FIGS. 1 a to 1 d illustrate the application of the STA method when measuring damage on the surface of a rotating roll. In the example of FIG. 1 a it is determined to which extent a press roll 1 causes vibrations that are produced for example by a shape error 3 in the press roll. The roll 2 also contains shape errors 4, but the aim is to filter off their effect and the vibration caused by the measurement, as well as vibrations of other sources. The vibrations are periodical variations, because they are repeated at regular intervals that depend on the speed of rotation. The filtering takes place by averaging several measurements, each of them being started at the same point (origin of the time axis) at the rotation of the roll 1. Each measurement is started by a synchronizing pulse or signal 9 obtained from a sensor 7 that is for example a magnetic sensor or an optical sensor, depending on the object to be measured. The sensor 7 detects a magnet 5 passing by, said magnet being attached for example on the shaft of the roll 1.

The first measurement is shown in FIG. 1 a, in which a vibration 11 illustrates a change caused by a shape error 3 in the signal given by the acceleration sensor 6. The acceleration sensor 6 is attached to the bearing housing of the roll 1 that is being analysed. The information of the sensors is transferred to the analysing apparatus 10. The analysing apparatus 10 collects information, analyses it and performs the necessary calculation and reporting. It is typically a computer in which the measurement data is entered.

A second measurement is shown in FIG. 1 b, which illustrates the fact that the vibration 11 does not shift on the time axis, but the vibration 12 caused by the shape error 4 of the roll, has, in turn, shifted on the time axis. This results from the fact that the diameters of the rolls deviate from each other and each measurement begins at the moment where the position of the shape error 4 varies. However, the sensor 5 and the shape error 3 are always in the same position during the measurement.

A third measurement is shown in FIG. 1 c, and the vibration 12 has again changed its position on the time axis. The vibration 11 synchronized with the roll 1, is precisely in the same location in each measurement. There are for example several hundreds of measuring cycles, corresponding to the hundreds of revolutions of the roll 1. When the results of all the measurements are summed up and divided with the number of measurements, a synchronized time averaged signal shown in FIG. 1 d is obtained as a result. However, vibration not synchronized with the roll 1 approaches zero. The larger the number of average values obtained, the closer to zero the portion of the unsynchronized vibration comes, and this results in an improved signal-to-noise ratio for the part of the averaged signal. As noise it is possible to consider all the parts of the signal that are not synchronized with the triggering target, for example the roll 1.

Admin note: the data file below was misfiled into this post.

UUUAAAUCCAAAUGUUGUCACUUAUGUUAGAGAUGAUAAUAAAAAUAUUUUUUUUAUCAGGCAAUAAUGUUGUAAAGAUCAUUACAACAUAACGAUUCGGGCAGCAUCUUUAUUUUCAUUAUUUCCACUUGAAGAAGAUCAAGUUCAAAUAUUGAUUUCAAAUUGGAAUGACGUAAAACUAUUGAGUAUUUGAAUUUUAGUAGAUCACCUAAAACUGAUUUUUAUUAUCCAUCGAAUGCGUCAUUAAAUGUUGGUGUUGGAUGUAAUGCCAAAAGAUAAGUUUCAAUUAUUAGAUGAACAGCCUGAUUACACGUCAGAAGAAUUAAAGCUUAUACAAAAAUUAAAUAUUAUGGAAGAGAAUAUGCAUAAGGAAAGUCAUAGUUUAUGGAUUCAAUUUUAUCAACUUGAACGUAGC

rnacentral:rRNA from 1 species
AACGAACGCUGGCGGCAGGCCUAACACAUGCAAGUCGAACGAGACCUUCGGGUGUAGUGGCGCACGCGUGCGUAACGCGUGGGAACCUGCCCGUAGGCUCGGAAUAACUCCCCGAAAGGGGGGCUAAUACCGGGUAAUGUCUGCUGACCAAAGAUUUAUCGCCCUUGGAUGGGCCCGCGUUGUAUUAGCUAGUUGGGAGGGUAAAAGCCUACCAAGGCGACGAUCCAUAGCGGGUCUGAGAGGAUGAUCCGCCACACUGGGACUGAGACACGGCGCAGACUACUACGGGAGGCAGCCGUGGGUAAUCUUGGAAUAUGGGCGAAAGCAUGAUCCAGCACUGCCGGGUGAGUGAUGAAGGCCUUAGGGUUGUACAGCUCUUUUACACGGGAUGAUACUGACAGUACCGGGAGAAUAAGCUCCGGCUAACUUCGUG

In order to be able to function, the above-described method requires a separate synchronizing signal by means of which the rotating frequency and phase are monitored, and in order to apply the method, it is necessary to install a separate synchronizing sensor for the object to be monitored. This is naturally an expense that can be eliminated, if the averaging can be made without a separate synchronizing signal. Often there occurs a situation that the information on the speed of rotation of the object can be obtained for example from the control system of electric drives that measures speed by means of a tachometer. Even if a separate synchronizing signal would not be obtained from the tachometer, it is possible that the analysis can be carried out on the basis of the information on the speed of rotation only. Thus the measurement signal to be averaged is divided into sequences whose length corresponds to the time of the rotating cycle calculated by means of the speed of rotation. In an ideal case, the exact same result is obtained in this manner than when using a separate synchronizing signal. If the object rotates at constant speed, one pulse per revolution is obtained from the synchronizing sensor in such a manner that the pulse interval remains constant. Correspondingly, the same pulse interval can be calculated without the synchronizing sensor, if absolutely correct information on the rotating frequency is available. The only information lost when the pulse sensor is not taken in use is the absolute phase information, in other words the starting point of the sequences to be averaged is positioned in a random location with respect to the rotating cycle of the machine.

The above-described method is disclosed for example in the document U.S. Pat. No. 6,789,025 B2, in which the method is called the cyclic time average (CTA) method.

However, in connection with the present invention it has been noted that there are many elements of uncertainty in the act of applying the CTA method and other corresponding methods for monitoring the condition and operation of rotating objects, wherein the results of the analysis may be unreliable. The most significant risk relates to the fact that the methods are very sensitive even to small errors in the rotating speed information.